Now that we’ve created the simplest sticky-note websites, let’s get some practice using services designed to help you display content from a variety of sources. Then you will be prepared to fill your future websites with online material that will keep your visitors coming back. Now certainly you can use established social media tools like Facebook and Twitter to share links, but the tools we’re going to talk about offer layouts that most attractively showcase whatever you want to share from around the Internet.
These tools stem from the tremendous popularity of Pinterest, a site rapidly adopted mostly by women that wanted to share pictures of products linked to the purchase pages for those products. The basic layout of the site, in which pictures are tightly arranged in a grid that can scroll endlessly, is addictively conducive to continuous browsing without leaving the page. Web developers naturally began making their own services which utilized this popular layout style to encourage users to post different kinds of content.
Take a look at http://www.scoop.it/u/stephan-futeral and see how an attorney is using the http://www.scoop.it service. You can see the familiar Pinterest-type picture boxes linking to stories related to the type of law this attorney practices. But in addition to sending you off to see all these cool stories, notice that the top of the lawyer’s page features the lawyer’s name, practice description, picture, facebook/twitter profile links, and his website addresses. It also shows his “community” of people that he is following on the scoop.it site. So, if one likes the stories he found, one might check out the links to his law firm and follow him, and remember him or refer others to him if one needed a lawyer in his field.
These flashy eye-candy story albums will hopefully have a place in your web marketing arsenal. Although they’re easy to set up, you may be wondering how you’re going to find the cool stories to link to. A site like http://paper.li will offer sources of content to automatically populate your virtual newspaper with. A example of an attorney using this service at http://paper.li/SpatzLawFirm/1343241829 shows hows one of these efforts can be easily populated with a wealth of legal stories. See, you’ve already gone from making web sticky notes in the first lesson to running your own newsroom!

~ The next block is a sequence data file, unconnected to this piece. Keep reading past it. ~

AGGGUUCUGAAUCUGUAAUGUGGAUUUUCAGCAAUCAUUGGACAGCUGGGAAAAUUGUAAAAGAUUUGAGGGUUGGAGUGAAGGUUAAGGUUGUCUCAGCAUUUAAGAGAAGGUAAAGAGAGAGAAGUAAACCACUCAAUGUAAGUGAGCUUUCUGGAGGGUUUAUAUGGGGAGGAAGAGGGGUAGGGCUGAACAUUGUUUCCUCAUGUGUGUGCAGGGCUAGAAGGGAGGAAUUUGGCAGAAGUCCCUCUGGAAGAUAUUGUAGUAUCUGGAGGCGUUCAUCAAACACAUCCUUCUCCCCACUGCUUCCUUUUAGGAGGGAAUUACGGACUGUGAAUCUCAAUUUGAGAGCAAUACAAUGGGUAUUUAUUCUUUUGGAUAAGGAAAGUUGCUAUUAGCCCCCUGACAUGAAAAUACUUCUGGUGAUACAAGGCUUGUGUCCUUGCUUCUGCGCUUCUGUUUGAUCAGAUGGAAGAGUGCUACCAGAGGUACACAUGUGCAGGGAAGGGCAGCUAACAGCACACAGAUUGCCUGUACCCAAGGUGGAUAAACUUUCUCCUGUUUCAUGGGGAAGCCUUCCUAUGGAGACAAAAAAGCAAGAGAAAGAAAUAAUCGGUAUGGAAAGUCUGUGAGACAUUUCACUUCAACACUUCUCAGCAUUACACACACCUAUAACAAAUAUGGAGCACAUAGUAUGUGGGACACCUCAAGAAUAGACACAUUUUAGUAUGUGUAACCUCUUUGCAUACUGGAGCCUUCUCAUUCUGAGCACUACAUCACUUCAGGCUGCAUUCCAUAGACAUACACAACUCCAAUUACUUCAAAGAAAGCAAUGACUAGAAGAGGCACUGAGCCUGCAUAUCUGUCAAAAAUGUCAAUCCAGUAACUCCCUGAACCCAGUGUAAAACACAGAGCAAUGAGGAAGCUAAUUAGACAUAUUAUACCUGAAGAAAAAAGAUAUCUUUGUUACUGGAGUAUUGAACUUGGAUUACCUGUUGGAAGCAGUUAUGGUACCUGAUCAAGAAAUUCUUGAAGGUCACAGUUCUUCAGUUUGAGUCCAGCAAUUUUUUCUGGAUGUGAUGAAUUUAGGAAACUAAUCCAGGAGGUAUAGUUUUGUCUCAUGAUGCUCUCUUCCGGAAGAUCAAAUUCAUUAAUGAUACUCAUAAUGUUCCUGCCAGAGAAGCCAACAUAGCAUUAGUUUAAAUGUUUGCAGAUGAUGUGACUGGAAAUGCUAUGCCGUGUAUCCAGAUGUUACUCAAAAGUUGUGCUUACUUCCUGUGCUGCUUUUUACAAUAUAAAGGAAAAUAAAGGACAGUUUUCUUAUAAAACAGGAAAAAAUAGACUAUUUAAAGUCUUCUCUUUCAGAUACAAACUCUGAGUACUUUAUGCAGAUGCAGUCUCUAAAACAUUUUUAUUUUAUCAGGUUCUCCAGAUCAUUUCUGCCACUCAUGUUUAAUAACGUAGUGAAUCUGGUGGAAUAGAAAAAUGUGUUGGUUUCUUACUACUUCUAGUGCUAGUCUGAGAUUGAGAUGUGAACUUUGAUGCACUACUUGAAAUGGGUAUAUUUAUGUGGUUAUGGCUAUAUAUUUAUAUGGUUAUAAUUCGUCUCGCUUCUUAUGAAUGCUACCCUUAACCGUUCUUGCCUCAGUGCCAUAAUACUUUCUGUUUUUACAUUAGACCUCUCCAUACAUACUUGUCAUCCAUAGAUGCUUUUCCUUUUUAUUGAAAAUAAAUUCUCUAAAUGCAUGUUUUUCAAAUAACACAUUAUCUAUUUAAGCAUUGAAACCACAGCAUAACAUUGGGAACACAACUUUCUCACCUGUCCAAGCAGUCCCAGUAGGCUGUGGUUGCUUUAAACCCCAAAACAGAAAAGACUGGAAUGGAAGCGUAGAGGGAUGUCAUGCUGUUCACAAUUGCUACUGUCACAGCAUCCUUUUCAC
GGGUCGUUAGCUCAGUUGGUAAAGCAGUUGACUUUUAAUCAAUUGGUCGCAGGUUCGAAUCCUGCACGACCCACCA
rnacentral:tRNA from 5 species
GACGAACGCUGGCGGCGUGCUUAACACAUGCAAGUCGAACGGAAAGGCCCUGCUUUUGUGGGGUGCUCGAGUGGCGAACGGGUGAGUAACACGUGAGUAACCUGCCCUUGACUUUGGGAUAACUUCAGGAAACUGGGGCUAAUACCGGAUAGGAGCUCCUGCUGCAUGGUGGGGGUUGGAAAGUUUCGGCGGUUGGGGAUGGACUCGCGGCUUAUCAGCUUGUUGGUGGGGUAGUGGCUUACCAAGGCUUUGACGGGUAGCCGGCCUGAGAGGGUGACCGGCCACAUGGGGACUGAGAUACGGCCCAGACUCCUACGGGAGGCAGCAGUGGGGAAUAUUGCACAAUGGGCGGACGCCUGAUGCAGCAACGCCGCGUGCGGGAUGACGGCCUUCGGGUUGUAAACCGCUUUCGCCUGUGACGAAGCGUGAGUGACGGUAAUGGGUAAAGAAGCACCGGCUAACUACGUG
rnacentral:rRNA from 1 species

If the layouts of these sites seem too scattered and overwhelming, you can also find curation sites that try to tame the Pinterest-like format. One is http://storify.com, which allows you to collect several social media elements related to a specific topic and weave them into a cohesive story of your own. It’s like you’re making a research paper and pasting the source material right there in your paper. A fine example is this piece on a Supreme Court case – https://storify.com/saacks/supreme-court-hears-affirmative-action. If you’re an attorney that wants to piece together many online viewpoints on a particular law or issue, this is a great way to do that.
Another interesting take on content curation is https://www.thedash.com. The nice aspect of this service is that the content feeds you choose are housed in a clean minimalistic dashboard design, to contrast with the endless scrolling of other Pinterest-like sites. This allows you to elegantly limit your content to a few important sources, whether that be the local weather or economic statistics (https://www.thedash.com/dashboard/PeKW9UVP9E).
Hopefully in making a few of these content curation pages, you’ve found some neat sources of content related to your practice. Even if you don’t actually want to build a page with one of these services, you can use the content sources to find articles that you can link to in your own main web site when you build it. And in the next few lessons of this tour, we’re going to explore the options you have for making your core web presence.